When early modern philosophers observed the natural world, they saw “the physical universe tightly interwoven with one another”(Principe, 21) as one interconnected world. In my understanding, these early thinkers gave meaning to every occurrence because they believed God created the universe. With God as a creator, every human being was seen as having a meaningful and significant existence that contributes to the cosmos. Presently, the approaches at explaining the world are less inclusive and more dividing. While contemporary science is able to explain physical phenomena with greater accuracy as it is no longer rooted in religion, it promotes an image of a splintered world where people feel as if everything is a mathematical calculation instead of purposeful. However, there are still a few aspects of the “connected world” (Principe, 21) today, such as the Feminist Movement that unites women globally from all backgrounds. Another example of people working together across the globe is the movement for accessible water. The UN along with other civil rights international organizations are hard at work trying to repair old bonds and unite global citizens to combat inequality. These are the movements needed to revive a person’s sense of belonging.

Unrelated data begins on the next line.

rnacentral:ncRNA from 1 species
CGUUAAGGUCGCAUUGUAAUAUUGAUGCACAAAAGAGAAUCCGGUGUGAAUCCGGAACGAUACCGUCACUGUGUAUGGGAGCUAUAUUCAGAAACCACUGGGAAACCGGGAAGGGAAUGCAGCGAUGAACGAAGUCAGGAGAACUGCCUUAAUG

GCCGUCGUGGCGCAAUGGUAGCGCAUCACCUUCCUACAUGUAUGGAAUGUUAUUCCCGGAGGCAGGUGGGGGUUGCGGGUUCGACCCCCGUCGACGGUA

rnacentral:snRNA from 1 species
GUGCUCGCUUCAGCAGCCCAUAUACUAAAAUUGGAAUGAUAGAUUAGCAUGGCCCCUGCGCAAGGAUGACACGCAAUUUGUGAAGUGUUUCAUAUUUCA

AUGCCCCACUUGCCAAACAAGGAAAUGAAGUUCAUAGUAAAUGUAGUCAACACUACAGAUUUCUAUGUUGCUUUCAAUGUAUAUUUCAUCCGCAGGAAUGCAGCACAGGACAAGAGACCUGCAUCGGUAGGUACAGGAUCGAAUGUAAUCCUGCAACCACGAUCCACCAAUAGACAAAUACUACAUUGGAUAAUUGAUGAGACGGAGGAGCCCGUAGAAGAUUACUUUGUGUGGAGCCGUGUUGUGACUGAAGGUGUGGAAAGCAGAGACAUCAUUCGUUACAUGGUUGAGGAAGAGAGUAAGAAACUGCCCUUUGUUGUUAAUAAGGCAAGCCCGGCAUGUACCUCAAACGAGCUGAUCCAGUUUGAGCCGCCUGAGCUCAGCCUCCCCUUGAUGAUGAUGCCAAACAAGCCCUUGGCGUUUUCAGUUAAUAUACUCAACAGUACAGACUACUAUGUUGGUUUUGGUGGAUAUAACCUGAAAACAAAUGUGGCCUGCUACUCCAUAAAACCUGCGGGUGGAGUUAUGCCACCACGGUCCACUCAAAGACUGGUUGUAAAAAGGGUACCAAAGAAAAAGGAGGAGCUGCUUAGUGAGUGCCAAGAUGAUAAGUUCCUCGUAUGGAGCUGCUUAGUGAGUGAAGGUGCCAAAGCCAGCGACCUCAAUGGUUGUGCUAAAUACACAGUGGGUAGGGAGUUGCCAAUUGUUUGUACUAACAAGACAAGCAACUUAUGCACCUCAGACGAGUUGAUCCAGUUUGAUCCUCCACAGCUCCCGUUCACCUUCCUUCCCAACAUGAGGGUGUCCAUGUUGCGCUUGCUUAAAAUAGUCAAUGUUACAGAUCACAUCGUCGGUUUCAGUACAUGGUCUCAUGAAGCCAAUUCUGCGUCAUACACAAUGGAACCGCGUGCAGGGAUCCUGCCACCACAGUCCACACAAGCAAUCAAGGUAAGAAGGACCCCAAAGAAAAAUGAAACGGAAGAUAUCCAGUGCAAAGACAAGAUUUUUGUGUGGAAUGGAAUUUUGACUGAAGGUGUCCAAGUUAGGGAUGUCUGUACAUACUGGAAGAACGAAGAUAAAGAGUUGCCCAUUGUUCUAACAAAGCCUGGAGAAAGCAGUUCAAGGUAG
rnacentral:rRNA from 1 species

Both Principe and Professor Thompson highlighted the importance of making new observations and testing hypotheses. If we are compliant with the social construction of contemporary scientific beliefs, then what are we currently ignoring that could be impactful and what have we accepted as fact that could be fiction?